The Doha Film Institute (DFI) kicked off a hybrid eighth edition of its youth-focused Ajyal Film Festival on Wednesday with the MENA premiere of Iranian director Majid Majidi’s Venice prize winner Sun Children.
Running under the banner of “The show goes on” from November 18-23, the festival is showing 22 features and 58 shorts hailing from 46 countries, with a mix of socially-distanced physical and online screenings as well as a drive-in venue.
Majidi’s Tehran-set feature, which explores the topic of child labour through the adventures of four poor but resourceful boys, screened at a socially-distanced, red carpet event in Doha’s Katara theatre in the city’s cultural district.
Guests included attended Miramax CEO Bill Block and Nasser Al-Khelaifi, chairman of the Qatari beIN Media Group as well as president and CEO of France’s Paris Saint-German football club.
Ajyal marks the first major physical event of 2020 for the DFI, which was forced to move its popular industry talent and project incubator event Qumra online at the eleventh hour in March due to the pandemic.
Qatar’s quarantine rules currently require all in-bound travellers to self-isolate in a mandatory hotel for seven days, so few international guests will attend this year. However a handful are participating online including US actor and comedian Zach Woods, Bosnian actor Goran Bodgan and Indian actor Kunal Kapoor.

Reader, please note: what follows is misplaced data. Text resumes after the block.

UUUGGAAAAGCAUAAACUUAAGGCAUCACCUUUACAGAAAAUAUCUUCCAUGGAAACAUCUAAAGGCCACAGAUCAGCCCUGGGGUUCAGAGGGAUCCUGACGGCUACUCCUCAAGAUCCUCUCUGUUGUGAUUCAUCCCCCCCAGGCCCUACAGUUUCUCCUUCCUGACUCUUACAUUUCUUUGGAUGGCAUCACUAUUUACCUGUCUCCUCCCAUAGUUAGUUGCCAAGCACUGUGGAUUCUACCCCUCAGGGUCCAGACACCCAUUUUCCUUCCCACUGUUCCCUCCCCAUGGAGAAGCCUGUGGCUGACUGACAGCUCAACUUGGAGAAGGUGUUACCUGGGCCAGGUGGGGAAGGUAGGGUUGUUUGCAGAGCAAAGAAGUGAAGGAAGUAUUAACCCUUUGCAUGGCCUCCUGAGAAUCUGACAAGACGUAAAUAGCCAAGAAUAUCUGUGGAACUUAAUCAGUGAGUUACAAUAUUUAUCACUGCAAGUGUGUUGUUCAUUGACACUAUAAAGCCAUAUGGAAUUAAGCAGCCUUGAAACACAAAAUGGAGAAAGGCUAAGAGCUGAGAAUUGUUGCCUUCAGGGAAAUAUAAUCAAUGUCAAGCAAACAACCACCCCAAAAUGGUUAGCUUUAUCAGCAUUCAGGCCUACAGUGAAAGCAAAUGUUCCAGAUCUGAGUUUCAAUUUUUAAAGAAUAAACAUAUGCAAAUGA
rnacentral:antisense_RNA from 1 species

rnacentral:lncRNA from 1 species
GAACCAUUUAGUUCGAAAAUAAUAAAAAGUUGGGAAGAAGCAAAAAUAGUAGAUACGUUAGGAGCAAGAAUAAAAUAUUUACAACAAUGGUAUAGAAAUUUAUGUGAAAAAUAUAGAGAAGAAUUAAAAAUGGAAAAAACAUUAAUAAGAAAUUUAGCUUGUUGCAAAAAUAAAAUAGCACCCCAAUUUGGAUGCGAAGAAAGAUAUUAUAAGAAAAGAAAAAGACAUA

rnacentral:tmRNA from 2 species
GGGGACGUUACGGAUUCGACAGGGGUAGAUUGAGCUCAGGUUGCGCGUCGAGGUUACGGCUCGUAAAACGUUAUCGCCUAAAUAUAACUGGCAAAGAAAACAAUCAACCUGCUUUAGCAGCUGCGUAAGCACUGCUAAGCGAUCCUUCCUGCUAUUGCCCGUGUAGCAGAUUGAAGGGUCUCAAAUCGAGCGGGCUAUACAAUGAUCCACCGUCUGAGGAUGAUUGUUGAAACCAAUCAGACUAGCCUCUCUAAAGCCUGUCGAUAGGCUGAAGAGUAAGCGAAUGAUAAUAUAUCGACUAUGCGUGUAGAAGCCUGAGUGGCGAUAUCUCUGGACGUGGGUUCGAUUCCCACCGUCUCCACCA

The festival is also welcoming its trademark youth juries - spanning Mohaq (eight to 12-years-old), Hilal (13 to 17-years-old) and Bader (18 to 25-years-old) – in both a physical and online capacity.
“The fact the festival is also running online has meant we can open the juries up to more countries internationally, which been a great opportunity,” said Hassan Alremaihi.
Each jury watches and deliberates on an age-appropriate selection of films from the Ajyal line-up and also participates in online Q&As with the filmmakers.
This year’s line-up features 24 films made with DFI support including Palestinian director Ameen Nayfeh’s drama 200 Meters, which has just been announced as Jordan’s submission to best international film category of the 2021 Oscars; and documentaries Gevar’s Land by Syrian filmmaker Qutaiba Barhamji’s, Their Algeria by French-Algerian director Lina Soualem and An Unusual Summer by Palestinian Kamal Aljafari.
“We’re always trying to push the boundaries with our juries in terms of the types of films that we bring,” commented Hassan Alremaihi. “A film like An Unusual Summer, for example, is a very different film from anything that they have probably seen before. But there’s no better person than Kamal to have a conversation with them to tell them that the sky’s the limit when you want to make a film.”